There is no aggression or passion. It is natural to look back at the great teams of yesterday. Keane and Paul Scholes were as good as it got as a midfield pair. They had everything as footballers. They played football first but rarely lost a battle if there was one. Both could dish it out. Both could take it. If either of them were absent, then Nicky Butt came in and he could equally play football and look after himself. They all had a nasty streak.

It's not that you want players to get sent off, but playing football is not enough sometimes. The midfield has to set the tone and occasionally, a game can come to life with a crunching tackle here and there. With a lack of entertainment, a decent hard, tackle gets the crowd involved. Fellaini doing a sneaky trip, or a spot of shirt pulling doesn't quite have the same effect.

3. Lack of attackers

Playing with a lone striker means that having four strikers of decent ability is no longer necessary. What United had in 1999, with four top strikers with differing styles, is a thing of the past. It was hard for Sir Alex to keep that quartet happy, but they all got games. With only one place up for grabs, then three main strikers is probably enough.

With that in mind, it is hard to fathom why Louis van Gaal allowed Radamel Falcao, Robin van Persie and Javier Hernandez to leave and not replace them. On the evidence of last season, all three may have struggled to make an impact this year, at United anyway. Two of the three are not exactly looking back, though.

Falcao has succumbed to injury at Chelsea, but van Persie is scoring goals with Fenerbahce and Hernandez is tearing up the Bundesliga with Bayer Leverkusen. The problem wasn't the players, but that United do not set up to serve strikers. The players have to be a lot more than a goalscorer. They have to be a target man, a link man and still get on the end of things.

Both van Persie and Hernandez especially struggled with that responsibility, but letting them go meant United were woefully short in both numbers and quality. They had to be replaced.

Rooney can do it but it the early part of the season, when United were reluctant to take risks, he struggled. He proved that he is far from finished with his recent burst of goals before he got struck down with injury. That is where van Gaal's decision not to replace hurts the most.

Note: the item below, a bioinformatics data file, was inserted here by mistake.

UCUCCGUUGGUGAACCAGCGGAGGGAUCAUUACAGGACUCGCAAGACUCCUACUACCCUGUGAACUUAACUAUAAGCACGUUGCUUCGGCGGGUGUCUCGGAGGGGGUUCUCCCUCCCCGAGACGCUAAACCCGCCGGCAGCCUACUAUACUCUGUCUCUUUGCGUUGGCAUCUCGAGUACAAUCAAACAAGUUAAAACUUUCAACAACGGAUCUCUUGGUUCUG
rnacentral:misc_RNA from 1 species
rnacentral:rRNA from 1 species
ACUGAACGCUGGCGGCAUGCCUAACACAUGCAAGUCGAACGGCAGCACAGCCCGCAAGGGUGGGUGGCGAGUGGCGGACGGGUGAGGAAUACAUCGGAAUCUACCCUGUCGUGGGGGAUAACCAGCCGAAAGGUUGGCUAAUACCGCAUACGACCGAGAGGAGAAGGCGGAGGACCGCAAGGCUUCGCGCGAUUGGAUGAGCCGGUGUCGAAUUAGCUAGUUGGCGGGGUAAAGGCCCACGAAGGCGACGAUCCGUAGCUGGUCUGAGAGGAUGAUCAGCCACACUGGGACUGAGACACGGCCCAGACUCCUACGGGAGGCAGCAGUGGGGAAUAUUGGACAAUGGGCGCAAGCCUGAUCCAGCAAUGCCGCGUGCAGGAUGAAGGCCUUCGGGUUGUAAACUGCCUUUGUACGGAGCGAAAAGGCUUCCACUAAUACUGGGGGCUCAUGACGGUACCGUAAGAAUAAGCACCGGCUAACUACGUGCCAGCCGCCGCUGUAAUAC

Anthony Martial is now expected to lead the line, and whilst he has no shortage of talent, as stated it is no easy job at United. He is 20, and it is a lot of responsibility to place on his shoulders. Should he pick up an injury, United are really in the mire. Will Keane is the only other option, and whilst he has been scoring for the U-21's, he has struggled at senior level.

James Wilson is a talent, but the decision not to recall him from his loan spell actually makes sense, even in this desperate situation. Probably even more so, because for the same reasons that it is going to be difficult for Martial, it would be just as bad for Wilson. It is better for him to get games and find some form than be thrown in during this difficult period.

Van Gaal complained that the squad was unbalanced when he took over, well most people could see that going into this season so light in attack was a huge risk, and the Rooney injury brings that point into stark focus now.

4. Injuries

Rooney's injury is a huge problem due to lack of an adequate replacement. That is van Gaal's fault, but he cannot be blamed for the horrendous luck that has beset the whole of the squad, and no more so than the full back position.

Luke Shaw broke his leg in the UEFA Champions League | Photo: Matthew Peters/Manchester United
Luke Shaw broke his leg in the UEFA Champions League | Photo: Matthew Peters/Manchester United

Antonio Valencia and Luke Shaw got injured long term early on. Ashley Young and Matteo Darmian took over, and both of those have also now suffered. Cameron Borthwick-Jackson looks a real prospect and took his opportunity, as did and Guillermo Valero to an extent, yet now both of those are out. The game against Midtjylland saw Daley Blind and another youngster, Donald Love, occupy the full back positions.

To have six players that can play fullback out at one time would stretch any team, but you can add Marcus Rojo and Phil Jones to that list as well, as both have spent a lot of their United career at fullback. The situation is quite freakish and probably down to bad luck, but it is something that has been prevalent throughout van Gaal's tenure.